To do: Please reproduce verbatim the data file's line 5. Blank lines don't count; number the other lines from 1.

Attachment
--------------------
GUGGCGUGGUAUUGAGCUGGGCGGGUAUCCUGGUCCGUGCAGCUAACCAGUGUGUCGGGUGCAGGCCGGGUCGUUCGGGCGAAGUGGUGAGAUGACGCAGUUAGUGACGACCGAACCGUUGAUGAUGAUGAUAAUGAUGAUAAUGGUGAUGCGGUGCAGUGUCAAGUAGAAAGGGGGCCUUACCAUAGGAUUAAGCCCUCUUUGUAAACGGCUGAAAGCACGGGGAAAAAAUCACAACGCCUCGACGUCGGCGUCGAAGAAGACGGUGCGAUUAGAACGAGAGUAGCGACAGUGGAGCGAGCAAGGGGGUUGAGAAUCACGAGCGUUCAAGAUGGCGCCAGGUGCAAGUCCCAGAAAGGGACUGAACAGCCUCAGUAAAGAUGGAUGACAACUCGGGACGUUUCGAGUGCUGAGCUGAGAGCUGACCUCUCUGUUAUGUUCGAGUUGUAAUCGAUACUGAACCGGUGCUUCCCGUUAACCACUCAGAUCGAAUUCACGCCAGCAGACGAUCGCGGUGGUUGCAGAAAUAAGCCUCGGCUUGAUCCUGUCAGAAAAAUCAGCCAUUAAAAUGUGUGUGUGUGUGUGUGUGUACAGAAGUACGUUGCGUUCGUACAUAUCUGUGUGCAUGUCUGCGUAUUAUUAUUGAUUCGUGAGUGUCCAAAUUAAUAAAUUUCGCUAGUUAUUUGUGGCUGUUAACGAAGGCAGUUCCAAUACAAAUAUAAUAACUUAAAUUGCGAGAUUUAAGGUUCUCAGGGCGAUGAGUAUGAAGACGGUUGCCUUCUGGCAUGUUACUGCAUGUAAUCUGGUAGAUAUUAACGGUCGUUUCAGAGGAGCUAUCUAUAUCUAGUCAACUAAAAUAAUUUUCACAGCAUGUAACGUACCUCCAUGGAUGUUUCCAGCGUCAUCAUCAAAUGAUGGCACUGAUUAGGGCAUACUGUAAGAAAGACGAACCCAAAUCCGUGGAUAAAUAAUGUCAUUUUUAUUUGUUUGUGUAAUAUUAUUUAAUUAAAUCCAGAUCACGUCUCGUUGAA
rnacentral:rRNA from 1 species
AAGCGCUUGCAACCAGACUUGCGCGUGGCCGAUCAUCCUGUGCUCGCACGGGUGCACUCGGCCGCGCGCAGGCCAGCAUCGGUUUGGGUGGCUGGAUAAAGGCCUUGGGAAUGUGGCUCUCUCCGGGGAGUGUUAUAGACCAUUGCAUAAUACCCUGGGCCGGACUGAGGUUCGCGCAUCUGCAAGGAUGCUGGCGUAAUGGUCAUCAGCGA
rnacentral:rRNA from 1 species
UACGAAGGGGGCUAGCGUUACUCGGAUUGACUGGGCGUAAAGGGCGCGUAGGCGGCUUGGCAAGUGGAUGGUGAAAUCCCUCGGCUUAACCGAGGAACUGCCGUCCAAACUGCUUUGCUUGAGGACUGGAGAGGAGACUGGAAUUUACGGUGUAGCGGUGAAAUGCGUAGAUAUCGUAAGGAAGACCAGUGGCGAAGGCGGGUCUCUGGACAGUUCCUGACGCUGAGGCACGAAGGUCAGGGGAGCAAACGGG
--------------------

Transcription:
UACGAAGGGGGCUAGCGUUACUCGGAUUGACUGGGCGUAAAGGGCGCGUAGGCGGCUUGGCAAGUGGAUGGUGAAAUCCCUCGGCUUAACCGAGGAACUGCCGUCCAAACUGCUUUGCUUGAGGACUGGAGAGGAGACUGGAAUUUACGGUGUAGCGGUGAAAUGCGUAGAUAUCGUAAGGAAGACCAGUGGCGAAGGCGGGUCUCUGGACAGUUCCUGACGCUGAGGCACGAAGGUCAGGGGAGCAAACGGG